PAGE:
Multigenerational living has been on the rise since 1980. Even before the 2020 COVID-19 pandemic, the United States saw a record number of multigenerational households with around 64 million Americans (that’s one in five Americans) living the multigenerational lifestyle.
But what exactly defines multigenerational living? And is it the right choice for you and your family?
What is Multigenerational Living?
The typical model is when a single household includes two or more generations of adults. Grandparents raising grandchildren under twenty-five years old are also considered multigenerational households, even if the grandchild’s parents are not living with the family (this is called a “skipped generation household”).
The most common type of multigenerational household is when an adult child lives with his or her parent(s). Around 32.3 million households fell into this category as of 2016 when Pew Research Center conducted a detailed analysis. This is followed closely by households with three or more generations, which would be the case when a family includes grandparents and grandchildren in the same household. 28.4 million American households fell into this category in 2016. The skipped generation household is far less common than the other two with only 3.2 million Americans in this situation in 2016.
Trends in Multigenerational Living
Data from the Pew Research Center, going back to the 1940s, uncovered interesting long-term trends in multigenerational living.
By the end of the 1940s, an estimated 21% of the American population lived in multigenerational households. There was a steep decline through the 1950s and a continued decline through the 60s and 70s until multigenerational households accounted for just 12% of the population in 1980. And it’s been on the rise ever since.
The COVID-19 Impact
While the fallout from the 2020 COVID-19 pandemic and subsequent recession is ongoing, we are already seeing a surge in multigenerational households.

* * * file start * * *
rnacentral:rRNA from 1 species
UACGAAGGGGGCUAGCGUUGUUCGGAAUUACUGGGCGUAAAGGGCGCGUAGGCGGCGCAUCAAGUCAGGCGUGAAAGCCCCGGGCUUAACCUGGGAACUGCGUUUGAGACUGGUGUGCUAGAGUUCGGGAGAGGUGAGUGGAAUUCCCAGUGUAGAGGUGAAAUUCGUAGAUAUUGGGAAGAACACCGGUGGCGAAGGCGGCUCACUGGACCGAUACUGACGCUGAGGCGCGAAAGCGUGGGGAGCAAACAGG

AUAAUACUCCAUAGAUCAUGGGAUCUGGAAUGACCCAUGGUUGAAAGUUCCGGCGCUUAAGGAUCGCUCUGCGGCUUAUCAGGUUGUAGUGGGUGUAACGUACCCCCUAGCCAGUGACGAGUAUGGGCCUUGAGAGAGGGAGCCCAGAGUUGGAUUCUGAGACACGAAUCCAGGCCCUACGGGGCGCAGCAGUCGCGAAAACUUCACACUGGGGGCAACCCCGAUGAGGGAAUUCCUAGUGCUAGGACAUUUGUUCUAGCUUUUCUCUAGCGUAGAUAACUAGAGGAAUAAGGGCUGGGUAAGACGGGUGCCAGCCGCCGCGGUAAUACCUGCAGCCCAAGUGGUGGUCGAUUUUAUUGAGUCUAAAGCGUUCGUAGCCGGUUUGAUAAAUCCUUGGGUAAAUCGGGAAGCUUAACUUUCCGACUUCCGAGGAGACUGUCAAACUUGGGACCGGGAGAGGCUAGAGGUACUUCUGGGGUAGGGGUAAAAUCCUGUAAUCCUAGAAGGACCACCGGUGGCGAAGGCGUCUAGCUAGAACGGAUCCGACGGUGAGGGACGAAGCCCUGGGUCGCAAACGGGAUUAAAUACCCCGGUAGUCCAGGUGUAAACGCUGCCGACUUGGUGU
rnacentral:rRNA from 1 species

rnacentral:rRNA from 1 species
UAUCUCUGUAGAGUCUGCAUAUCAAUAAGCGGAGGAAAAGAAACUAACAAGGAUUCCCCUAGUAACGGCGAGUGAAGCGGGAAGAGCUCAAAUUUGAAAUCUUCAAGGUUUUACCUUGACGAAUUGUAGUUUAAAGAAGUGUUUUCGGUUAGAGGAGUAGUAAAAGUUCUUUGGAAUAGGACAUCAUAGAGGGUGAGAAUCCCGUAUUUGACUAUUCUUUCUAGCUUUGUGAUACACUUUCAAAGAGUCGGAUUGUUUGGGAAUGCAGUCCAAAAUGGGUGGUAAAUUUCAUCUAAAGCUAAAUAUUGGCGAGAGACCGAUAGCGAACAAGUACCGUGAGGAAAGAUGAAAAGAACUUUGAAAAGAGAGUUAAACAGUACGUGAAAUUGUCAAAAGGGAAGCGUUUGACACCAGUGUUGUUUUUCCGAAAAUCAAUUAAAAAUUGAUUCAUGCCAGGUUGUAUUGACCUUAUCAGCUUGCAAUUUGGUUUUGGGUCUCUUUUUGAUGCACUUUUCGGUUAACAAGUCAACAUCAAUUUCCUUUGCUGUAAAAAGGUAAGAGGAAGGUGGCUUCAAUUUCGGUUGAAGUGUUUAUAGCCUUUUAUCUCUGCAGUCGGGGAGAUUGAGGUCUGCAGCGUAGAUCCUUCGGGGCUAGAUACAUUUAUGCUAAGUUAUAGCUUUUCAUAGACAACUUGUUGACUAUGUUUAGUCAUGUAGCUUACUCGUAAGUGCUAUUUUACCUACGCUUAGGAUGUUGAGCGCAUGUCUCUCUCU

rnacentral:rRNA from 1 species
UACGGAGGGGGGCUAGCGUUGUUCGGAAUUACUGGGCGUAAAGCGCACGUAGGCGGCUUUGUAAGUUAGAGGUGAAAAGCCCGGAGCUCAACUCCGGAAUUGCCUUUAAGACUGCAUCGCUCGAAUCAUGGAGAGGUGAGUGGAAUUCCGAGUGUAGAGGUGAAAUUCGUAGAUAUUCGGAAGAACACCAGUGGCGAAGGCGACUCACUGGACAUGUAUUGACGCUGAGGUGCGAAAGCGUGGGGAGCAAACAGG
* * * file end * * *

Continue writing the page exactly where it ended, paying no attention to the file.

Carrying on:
In a 2020 study, Pew found that more than 50% of young adults, aged 18-29 years old were living with their parents. This is the first time since the Great Depression of the 1930s that more than half of young adults are in this position. The COVID Recession hit young adults particularly hard as they make up the majority of the workforce in heavily-impacted industries like retail, food service, travel, and recreation.
Advantages of Multigenerational Living
While many Americans are choosing multigenerational living more from necessity than desire, multigenerational households enjoy several benefits:
- Shared expenses. Housing costs, in particular, are dramatically reduced when multiple generations share the mortgage or rent expense.
- Reduced costs of care. Multigenerational households can reduce, or even avoid, expenses for daycare and/or elderly care.
- Shared household responsibilities. There are more people to pitch in with the household chores.
- Close family relationships. Being able to spend quality time together daily strengthens familial bonds.
- Reducing loneliness. With so many people living in a multigenerational household, the risk of loneliness decreases, which is particularly beneficial for elderly relatives.
Disadvantages of Multigenerational Living
Of course, you should also consider the potential negatives of multigenerational living when deciding if it’s a good fit for your family.
- Lack of privacy. With more people under one roof, you’ll naturally find you have less privacy than you would with fewer people.
- Lack of space. Similarly, more people require more square footage to accommodate everyone’s belongings comfortably.
- Lack of anonymity. You’ll have less time alone, and you’ll need to practice more cooperation with more peoples’ schedules and preferences to consider.
Is Multigenerational Living Right for Your Family?
Multigenerational living may have more advantages than disadvantages, but only you know how much weight you place on each of the pros and cons. If you require a lot of alone time and personal space, you might struggle with a multigenerational living arrangement. But if you value family time and sharing the responsibility and cost of running a household, multigenerational living might be a great fit for you.
Whether you’re ready to buy a multigenerational home, refinance your existing home loan, or just want more information about the mortgage loan process, contact OVM Financial. We’re always happy to answer your questions and help you navigate your loan. Call us at 757-296-2148 or start your application today at ovmfinancial.com/QuickStart.
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